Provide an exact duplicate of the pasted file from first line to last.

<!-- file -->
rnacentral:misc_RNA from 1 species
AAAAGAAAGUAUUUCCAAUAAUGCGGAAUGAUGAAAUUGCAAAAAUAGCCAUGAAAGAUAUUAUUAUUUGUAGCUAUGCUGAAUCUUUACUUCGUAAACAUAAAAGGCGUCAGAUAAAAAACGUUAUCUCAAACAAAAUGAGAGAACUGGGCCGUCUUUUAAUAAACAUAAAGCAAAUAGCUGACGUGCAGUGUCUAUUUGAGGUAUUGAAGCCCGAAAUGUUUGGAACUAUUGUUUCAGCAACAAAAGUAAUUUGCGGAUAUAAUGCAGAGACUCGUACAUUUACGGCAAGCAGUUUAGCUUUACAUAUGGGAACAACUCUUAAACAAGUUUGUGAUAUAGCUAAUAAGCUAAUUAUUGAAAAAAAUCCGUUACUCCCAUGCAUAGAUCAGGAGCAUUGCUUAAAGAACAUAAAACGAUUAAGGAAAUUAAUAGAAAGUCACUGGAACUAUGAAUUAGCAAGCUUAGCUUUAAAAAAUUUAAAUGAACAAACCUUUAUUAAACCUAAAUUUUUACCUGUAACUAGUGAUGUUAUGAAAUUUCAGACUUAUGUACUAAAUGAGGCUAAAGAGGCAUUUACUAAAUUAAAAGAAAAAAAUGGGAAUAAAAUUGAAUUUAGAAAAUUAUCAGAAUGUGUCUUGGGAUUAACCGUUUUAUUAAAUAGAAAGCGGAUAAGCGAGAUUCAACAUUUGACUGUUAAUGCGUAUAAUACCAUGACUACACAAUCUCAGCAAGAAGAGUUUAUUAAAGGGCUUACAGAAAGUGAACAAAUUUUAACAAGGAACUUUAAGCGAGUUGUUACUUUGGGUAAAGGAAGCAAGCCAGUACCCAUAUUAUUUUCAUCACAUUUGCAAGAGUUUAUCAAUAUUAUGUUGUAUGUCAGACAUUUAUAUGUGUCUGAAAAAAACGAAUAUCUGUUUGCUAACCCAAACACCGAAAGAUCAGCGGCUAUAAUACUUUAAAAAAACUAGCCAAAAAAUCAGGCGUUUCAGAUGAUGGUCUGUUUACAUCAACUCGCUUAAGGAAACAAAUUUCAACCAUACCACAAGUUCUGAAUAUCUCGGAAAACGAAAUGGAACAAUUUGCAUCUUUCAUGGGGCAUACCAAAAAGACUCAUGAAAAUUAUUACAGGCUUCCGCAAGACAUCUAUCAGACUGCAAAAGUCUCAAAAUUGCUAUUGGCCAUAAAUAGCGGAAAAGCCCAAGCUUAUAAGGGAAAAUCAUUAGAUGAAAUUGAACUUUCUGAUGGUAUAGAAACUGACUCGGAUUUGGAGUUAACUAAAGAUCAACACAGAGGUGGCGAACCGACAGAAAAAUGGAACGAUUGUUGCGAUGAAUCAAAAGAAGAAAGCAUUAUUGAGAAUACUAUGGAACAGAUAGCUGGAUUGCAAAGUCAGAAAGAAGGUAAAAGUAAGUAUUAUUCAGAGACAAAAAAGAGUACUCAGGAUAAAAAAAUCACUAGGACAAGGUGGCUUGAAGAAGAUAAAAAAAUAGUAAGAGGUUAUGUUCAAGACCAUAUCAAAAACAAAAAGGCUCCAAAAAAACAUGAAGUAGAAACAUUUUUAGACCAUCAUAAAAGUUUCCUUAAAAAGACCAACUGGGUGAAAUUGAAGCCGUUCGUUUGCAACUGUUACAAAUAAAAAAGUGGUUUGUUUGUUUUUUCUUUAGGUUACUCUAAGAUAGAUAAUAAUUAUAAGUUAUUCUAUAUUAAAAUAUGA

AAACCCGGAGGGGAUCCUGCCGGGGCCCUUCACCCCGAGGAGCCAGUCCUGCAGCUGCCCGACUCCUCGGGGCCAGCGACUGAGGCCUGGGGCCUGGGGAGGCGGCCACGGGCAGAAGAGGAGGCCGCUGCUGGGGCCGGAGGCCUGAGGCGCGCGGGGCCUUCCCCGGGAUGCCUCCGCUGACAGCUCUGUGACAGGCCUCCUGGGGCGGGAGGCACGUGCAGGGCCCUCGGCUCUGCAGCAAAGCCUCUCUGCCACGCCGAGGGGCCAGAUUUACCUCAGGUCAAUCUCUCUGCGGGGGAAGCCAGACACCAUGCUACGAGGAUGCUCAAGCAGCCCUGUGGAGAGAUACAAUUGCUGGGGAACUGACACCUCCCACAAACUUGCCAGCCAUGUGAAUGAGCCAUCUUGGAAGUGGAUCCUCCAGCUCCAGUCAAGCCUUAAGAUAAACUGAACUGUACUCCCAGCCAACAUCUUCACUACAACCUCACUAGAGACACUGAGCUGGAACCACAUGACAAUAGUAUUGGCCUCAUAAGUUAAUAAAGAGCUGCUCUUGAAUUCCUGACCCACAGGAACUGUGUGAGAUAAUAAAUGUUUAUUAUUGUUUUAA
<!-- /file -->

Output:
rnacentral:misc_RNA from 1 species
AAAAGAAAGUAUUUCCAAUAAUGCGGAAUGAUGAAAUUGCAAAAAUAGCCAUGAAAGAUAUUAUUAUUUGUAGCUAUGCUGAAUCUUUACUUCGUAAACAUAAAAGGCGUCAGAUAAAAAACGUUAUCUCAAACAAAAUGAGAGAACUGGGCCGUCUUUUAAUAAACAUAAAGCAAAUAGCUGACGUGCAGUGUCUAUUUGAGGUAUUGAAGCCCGAAAUGUUUGGAACUAUUGUUUCAGCAACAAAAGUAAUUUGCGGAUAUAAUGCAGAGACUCGUACAUUUACGGCAAGCAGUUUAGCUUUACAUAUGGGAACAACUCUUAAACAAGUUUGUGAUAUAGCUAAUAAGCUAAUUAUUGAAAAAAAUCCGUUACUCCCAUGCAUAGAUCAGGAGCAUUGCUUAAAGAACAUAAAACGAUUAAGGAAAUUAAUAGAAAGUCACUGGAACUAUGAAUUAGCAAGCUUAGCUUUAAAAAAUUUAAAUGAACAAACCUUUAUUAAACCUAAAUUUUUACCUGUAACUAGUGAUGUUAUGAAAUUUCAGACUUAUGUACUAAAUGAGGCUAAAGAGGCAUUUACUAAAUUAAAAGAAAAAAAUGGGAAUAAAAUUGAAUUUAGAAAAUUAUCAGAAUGUGUCUUGGGAUUAACCGUUUUAUUAAAUAGAAAGCGGAUAAGCGAGAUUCAACAUUUGACUGUUAAUGCGUAUAAUACCAUGACUACACAAUCUCAGCAAGAAGAGUUUAUUAAAGGGCUUACAGAAAGUGAACAAAUUUUAACAAGGAACUUUAAGCGAGUUGUUACUUUGGGUAAAGGAAGCAAGCCAGUACCCAUAUUAUUUUCAUCACAUUUGCAAGAGUUUAUCAAUAUUAUGUUGUAUGUCAGACAUUUAUAUGUGUCUGAAAAAAACGAAUAUCUGUUUGCUAACCCAAACACCGAAAGAUCAGCGGCUAUAAUACUUUAAAAAAACUAGCCAAAAAAUCAGGCGUUUCAGAUGAUGGUCUGUUUACAUCAACUCGCUUAAGGAAACAAAUUUCAACCAUACCACAAGUUCUGAAUAUCUCGGAAAACGAAAUGGAACAAUUUGCAUCUUUCAUGGGGCAUACCAAAAAGACUCAUGAAAAUUAUUACAGGCUUCCGCAAGACAUCUAUCAGACUGCAAAAGUCUCAAAAUUGCUAUUGGCCAUAAAUAGCGGAAAAGCCCAAGCUUAUAAGGGAAAAUCAUUAGAUGAAAUUGAACUUUCUGAUGGUAUAGAAACUGACUCGGAUUUGGAGUUAACUAAAGAUCAACACAGAGGUGGCGAACCGACAGAAAAAUGGAACGAUUGUUGCGAUGAAUCAAAAGAAGAAAGCAUUAUUGAGAAUACUAUGGAACAGAUAGCUGGAUUGCAAAGUCAGAAAGAAGGUAAAAGUAAGUAUUAUUCAGAGACAAAAAAGAGUACUCAGGAUAAAAAAAUCACUAGGACAAGGUGGCUUGAAGAAGAUAAAAAAAUAGUAAGAGGUUAUGUUCAAGACCAUAUCAAAAACAAAAAGGCUCCAAAAAAACAUGAAGUAGAAACAUUUUUAGACCAUCAUAAAAGUUUCCUUAAAAAGACCAACUGGGUGAAAUUGAAGCCGUUCGUUUGCAACUGUUACAAAUAAAAAAGUGGUUUGUUUGUUUUUUCUUUAGGUUACUCUAAGAUAGAUAAUAAUUAUAAGUUAUUCUAUAUUAAAAUAUGA

AAACCCGGAGGGGAUCCUGCCGGGGCCCUUCACCCCGAGGAGCCAGUCCUGCAGCUGCCCGACUCCUCGGGGCCAGCGACUGAGGCCUGGGGCCUGGGGAGGCGGCCACGGGCAGAAGAGGAGGCCGCUGCUGGGGCCGGAGGCCUGAGGCGCGCGGGGCCUUCCCCGGGAUGCCUCCGCUGACAGCUCUGUGACAGGCCUCCUGGGGCGGGAGGCACGUGCAGGGCCCUCGGCUCUGCAGCAAAGCCUCUCUGCCACGCCGAGGGGCCAGAUUUACCUCAGGUCAAUCUCUCUGCGGGGGAAGCCAGACACCAUGCUACGAGGAUGCUCAAGCAGCCCUGUGGAGAGAUACAAUUGCUGGGGAACUGACACCUCCCACAAACUUGCCAGCCAUGUGAAUGAGCCAUCUUGGAAGUGGAUCCUCCAGCUCCAGUCAAGCCUUAAGAUAAACUGAACUGUACUCCCAGCCAACAUCUUCACUACAACCUCACUAGAGACACUGAGCUGGAACCACAUGACAAUAGUAUUGGCCUCAUAAGUUAAUAAAGAGCUGCUCUUGAAUUCCUGACCCACAGGAACUGUGUGAGAUAAUAAAUGUUUAUUAUUGUUUUAA